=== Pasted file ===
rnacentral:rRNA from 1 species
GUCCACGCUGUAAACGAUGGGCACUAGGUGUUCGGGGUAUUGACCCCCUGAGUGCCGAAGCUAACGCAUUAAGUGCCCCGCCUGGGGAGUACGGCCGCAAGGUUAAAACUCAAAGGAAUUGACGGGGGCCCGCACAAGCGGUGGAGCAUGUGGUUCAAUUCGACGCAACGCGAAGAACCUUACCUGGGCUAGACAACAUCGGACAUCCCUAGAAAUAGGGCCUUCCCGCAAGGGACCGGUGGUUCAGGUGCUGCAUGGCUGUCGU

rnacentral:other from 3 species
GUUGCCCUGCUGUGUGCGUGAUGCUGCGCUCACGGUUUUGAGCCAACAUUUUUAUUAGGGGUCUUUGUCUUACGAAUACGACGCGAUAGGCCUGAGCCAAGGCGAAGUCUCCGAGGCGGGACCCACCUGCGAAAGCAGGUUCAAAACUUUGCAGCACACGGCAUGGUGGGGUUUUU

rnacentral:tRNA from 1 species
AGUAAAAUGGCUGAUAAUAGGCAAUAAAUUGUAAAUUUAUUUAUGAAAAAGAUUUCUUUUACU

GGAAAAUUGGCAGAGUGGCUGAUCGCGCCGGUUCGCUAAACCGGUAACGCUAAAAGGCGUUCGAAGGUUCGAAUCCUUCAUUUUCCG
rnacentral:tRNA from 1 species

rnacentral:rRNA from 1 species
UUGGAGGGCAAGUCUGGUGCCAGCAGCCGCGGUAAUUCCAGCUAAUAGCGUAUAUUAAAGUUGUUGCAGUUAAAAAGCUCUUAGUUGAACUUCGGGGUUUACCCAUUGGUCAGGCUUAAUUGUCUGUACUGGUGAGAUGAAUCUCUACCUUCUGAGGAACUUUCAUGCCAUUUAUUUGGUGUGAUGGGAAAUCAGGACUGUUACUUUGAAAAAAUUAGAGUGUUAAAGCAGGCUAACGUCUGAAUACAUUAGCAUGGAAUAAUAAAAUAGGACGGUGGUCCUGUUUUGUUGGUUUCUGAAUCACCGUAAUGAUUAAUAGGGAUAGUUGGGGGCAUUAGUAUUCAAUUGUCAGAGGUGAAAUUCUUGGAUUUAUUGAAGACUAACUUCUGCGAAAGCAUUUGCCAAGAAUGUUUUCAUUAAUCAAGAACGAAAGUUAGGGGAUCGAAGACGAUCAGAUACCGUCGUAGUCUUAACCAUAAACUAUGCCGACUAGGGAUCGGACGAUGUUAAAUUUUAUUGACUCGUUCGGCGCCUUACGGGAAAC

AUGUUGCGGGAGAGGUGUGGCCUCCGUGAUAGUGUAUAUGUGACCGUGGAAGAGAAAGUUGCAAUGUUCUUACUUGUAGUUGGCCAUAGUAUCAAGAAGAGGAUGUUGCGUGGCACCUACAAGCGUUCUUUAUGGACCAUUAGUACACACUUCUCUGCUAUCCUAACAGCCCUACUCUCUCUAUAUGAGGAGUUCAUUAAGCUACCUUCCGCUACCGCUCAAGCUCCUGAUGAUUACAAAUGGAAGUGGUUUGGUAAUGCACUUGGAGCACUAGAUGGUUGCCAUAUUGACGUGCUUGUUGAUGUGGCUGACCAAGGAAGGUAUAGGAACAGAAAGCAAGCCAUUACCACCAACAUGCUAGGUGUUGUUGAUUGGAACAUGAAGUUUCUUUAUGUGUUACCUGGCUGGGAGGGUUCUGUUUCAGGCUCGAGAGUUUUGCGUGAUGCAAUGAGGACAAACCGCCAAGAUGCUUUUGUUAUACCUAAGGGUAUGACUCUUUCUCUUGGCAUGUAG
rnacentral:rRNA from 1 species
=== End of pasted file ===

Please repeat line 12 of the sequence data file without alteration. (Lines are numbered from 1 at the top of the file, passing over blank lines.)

rnacentral:rRNA from 1 species